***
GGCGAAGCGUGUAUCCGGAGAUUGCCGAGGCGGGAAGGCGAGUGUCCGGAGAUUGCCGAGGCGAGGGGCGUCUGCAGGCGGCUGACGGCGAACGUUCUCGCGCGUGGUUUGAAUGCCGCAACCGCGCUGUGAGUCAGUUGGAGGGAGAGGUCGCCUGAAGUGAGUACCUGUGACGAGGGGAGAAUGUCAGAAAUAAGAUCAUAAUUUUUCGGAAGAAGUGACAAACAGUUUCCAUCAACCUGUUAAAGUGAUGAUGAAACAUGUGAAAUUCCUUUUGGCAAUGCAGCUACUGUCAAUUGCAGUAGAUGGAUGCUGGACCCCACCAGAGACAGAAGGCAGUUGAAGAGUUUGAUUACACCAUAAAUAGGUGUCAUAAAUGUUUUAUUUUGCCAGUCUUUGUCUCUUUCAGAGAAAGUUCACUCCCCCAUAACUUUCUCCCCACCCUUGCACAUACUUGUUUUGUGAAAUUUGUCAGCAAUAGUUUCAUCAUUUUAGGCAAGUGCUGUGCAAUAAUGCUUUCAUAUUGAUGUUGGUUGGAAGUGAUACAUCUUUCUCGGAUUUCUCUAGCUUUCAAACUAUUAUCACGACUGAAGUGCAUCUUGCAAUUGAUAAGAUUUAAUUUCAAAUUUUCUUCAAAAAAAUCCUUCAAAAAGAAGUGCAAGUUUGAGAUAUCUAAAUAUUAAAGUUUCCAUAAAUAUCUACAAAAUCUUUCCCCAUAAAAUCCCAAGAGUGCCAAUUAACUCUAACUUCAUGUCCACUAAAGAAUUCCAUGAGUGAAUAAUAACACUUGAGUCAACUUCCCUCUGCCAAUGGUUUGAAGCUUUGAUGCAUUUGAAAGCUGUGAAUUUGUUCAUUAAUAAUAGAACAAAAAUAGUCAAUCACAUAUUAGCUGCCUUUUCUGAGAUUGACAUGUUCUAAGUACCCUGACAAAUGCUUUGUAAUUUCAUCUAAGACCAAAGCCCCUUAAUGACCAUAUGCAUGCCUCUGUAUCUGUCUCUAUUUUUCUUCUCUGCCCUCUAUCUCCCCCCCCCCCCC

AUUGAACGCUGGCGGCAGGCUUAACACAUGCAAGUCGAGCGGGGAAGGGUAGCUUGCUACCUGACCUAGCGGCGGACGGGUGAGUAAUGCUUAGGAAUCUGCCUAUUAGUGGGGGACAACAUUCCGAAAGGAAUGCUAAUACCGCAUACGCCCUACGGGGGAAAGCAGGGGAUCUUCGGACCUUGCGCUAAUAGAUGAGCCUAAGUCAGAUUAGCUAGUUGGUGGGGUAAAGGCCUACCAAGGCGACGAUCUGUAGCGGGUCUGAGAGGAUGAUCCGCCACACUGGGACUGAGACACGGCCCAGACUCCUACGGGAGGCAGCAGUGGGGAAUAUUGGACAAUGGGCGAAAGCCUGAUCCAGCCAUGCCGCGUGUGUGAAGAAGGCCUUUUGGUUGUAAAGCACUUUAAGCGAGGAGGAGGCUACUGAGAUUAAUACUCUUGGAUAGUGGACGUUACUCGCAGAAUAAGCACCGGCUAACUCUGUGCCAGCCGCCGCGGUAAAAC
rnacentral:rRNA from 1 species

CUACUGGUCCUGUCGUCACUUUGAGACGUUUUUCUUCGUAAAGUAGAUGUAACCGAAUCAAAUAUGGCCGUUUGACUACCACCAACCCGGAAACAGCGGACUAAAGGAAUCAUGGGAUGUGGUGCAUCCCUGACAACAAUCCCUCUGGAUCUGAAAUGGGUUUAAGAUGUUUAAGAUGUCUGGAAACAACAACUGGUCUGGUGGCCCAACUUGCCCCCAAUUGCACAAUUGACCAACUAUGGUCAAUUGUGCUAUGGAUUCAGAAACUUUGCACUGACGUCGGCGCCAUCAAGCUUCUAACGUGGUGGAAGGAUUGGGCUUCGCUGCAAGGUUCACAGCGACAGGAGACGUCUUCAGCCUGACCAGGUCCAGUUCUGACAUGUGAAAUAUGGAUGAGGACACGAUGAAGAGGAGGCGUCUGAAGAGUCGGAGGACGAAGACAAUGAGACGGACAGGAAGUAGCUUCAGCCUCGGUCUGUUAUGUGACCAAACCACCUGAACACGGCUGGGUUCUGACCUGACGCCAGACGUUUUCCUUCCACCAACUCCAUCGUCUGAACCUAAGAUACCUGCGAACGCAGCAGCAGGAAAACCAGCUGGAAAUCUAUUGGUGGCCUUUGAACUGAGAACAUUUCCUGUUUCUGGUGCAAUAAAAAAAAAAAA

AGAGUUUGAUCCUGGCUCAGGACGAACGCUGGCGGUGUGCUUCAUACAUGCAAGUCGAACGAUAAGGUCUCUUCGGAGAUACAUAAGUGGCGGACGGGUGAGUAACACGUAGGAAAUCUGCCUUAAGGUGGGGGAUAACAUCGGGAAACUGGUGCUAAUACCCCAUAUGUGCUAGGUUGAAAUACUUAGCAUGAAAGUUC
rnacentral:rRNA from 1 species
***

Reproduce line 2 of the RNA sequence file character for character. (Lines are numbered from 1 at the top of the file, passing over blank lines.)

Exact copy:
AUUGAACGCUGGCGGCAGGCUUAACACAUGCAAGUCGAGCGGGGAAGGGUAGCUUGCUACCUGACCUAGCGGCGGACGGGUGAGUAAUGCUUAGGAAUCUGCCUAUUAGUGGGGGACAACAUUCCGAAAGGAAUGCUAAUACCGCAUACGCCCUACGGGGGAAAGCAGGGGAUCUUCGGACCUUGCGCUAAUAGAUGAGCCUAAGUCAGAUUAGCUAGUUGGUGGGGUAAAGGCCUACCAAGGCGACGAUCUGUAGCGGGUCUGAGAGGAUGAUCCGCCACACUGGGACUGAGACACGGCCCAGACUCCUACGGGAGGCAGCAGUGGGGAAUAUUGGACAAUGGGCGAAAGCCUGAUCCAGCCAUGCCGCGUGUGUGAAGAAGGCCUUUUGGUUGUAAAGCACUUUAAGCGAGGAGGAGGCUACUGAGAUUAAUACUCUUGGAUAGUGGACGUUACUCGCAGAAUAAGCACCGGCUAACUCUGUGCCAGCCGCCGCGGUAAAAC